We are conscious that many people are not aware of or have misunderstandings about the ordinariate that gives this prophetic vision for Christian unity. To help people understand us better, especially those in the Church of England who may be feeling that God might be calling them into communion with us, we have arranged an exploration day called “Called to be One” on September 6 for which our Holy Father, has promised his prayers. Ordinariate groups around the country are providing opportunities for anyone searching to learn a little more about our mission within the Catholic Church.

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What an utterly charming event the Purbeck Folk Festival was. Set on a farm nestled on the Jurassic Coastline in Dorset, the setting was idyllic. There was music, workshops, good food, a warm atmosphere and, best of all, a huge array of different ales in the bar!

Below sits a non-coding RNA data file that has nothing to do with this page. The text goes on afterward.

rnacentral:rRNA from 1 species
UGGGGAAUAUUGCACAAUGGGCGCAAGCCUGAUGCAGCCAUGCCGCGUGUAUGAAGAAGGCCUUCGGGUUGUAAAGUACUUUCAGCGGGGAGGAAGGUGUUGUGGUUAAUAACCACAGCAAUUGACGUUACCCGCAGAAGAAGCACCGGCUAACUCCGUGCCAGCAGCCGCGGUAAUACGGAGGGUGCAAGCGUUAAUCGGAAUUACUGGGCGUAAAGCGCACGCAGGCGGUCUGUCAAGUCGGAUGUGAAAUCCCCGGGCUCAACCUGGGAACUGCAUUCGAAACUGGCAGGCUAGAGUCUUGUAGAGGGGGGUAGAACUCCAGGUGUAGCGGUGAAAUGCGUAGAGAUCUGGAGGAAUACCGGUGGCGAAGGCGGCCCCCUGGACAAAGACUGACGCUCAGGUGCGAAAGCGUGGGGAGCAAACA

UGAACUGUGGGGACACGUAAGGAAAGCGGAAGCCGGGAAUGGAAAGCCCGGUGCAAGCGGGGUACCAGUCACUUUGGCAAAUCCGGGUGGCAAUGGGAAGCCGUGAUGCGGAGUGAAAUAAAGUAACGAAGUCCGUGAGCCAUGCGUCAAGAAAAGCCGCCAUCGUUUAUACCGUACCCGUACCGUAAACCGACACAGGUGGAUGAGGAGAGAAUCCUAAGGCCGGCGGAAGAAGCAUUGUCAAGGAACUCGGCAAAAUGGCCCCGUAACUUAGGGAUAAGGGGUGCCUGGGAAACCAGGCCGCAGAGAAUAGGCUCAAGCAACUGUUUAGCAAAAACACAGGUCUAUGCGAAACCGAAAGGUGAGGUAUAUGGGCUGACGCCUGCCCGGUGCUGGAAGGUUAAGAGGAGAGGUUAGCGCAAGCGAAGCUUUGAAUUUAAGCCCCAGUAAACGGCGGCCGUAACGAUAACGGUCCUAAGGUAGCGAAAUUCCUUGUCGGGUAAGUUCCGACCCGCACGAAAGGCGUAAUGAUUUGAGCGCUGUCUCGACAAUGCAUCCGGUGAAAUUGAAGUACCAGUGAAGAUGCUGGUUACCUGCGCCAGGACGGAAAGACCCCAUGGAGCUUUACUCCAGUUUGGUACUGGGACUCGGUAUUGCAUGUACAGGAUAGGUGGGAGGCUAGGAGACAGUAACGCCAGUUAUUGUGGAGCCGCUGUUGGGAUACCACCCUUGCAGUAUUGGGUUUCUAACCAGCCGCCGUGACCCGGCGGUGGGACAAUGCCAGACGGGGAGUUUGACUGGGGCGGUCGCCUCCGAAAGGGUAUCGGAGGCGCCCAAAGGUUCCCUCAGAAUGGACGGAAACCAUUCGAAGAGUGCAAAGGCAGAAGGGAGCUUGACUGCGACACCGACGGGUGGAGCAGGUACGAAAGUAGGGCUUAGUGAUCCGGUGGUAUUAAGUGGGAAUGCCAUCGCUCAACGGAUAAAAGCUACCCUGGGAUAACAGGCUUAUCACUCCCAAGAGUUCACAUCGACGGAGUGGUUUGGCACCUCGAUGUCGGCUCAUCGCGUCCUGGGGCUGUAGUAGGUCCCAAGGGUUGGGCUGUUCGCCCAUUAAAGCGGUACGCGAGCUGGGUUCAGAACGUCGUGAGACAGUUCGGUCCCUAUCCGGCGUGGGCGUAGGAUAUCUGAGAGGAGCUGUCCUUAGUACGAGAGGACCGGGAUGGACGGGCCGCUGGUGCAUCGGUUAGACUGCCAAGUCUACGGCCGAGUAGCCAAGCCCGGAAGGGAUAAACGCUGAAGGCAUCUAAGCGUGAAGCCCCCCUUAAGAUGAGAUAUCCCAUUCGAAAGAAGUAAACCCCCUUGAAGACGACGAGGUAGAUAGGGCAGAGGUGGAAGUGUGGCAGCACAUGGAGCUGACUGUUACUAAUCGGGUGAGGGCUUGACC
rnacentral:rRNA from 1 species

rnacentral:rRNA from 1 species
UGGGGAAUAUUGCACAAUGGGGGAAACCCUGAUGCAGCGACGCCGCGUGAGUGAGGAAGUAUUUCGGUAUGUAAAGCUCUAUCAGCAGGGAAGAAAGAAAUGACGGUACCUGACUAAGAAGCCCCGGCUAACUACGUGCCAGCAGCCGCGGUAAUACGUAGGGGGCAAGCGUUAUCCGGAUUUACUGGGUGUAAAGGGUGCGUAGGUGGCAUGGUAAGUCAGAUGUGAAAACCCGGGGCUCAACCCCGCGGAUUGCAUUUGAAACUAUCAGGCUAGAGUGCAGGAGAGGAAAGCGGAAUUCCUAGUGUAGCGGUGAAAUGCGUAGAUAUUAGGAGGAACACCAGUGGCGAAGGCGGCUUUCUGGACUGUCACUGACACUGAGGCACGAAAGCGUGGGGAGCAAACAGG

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The best band we watched were “Caravan of thieves’ whose energy was engrossing and whose skill with instruments was astonishing. What a fantastic live act they are. It was a privilege to meet the band members afterwards, all of them down to earth. A meeting which allowed Jemima to be photographed with Fuzz the lead singer (above) and also his wife, Carrie Sangiovanni and zany band member Brian Anderson.

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Aside from the music there was plenty of fun for the children. The highlight here being the special story telling session run by author and illustrator of children’s books, Mark Fraser.  I cannot imagine why but the children absolutely insisted we must buy his book entitled ‘ridiculous Nicholas’. Something about Saint Anselm’s church they said giggling….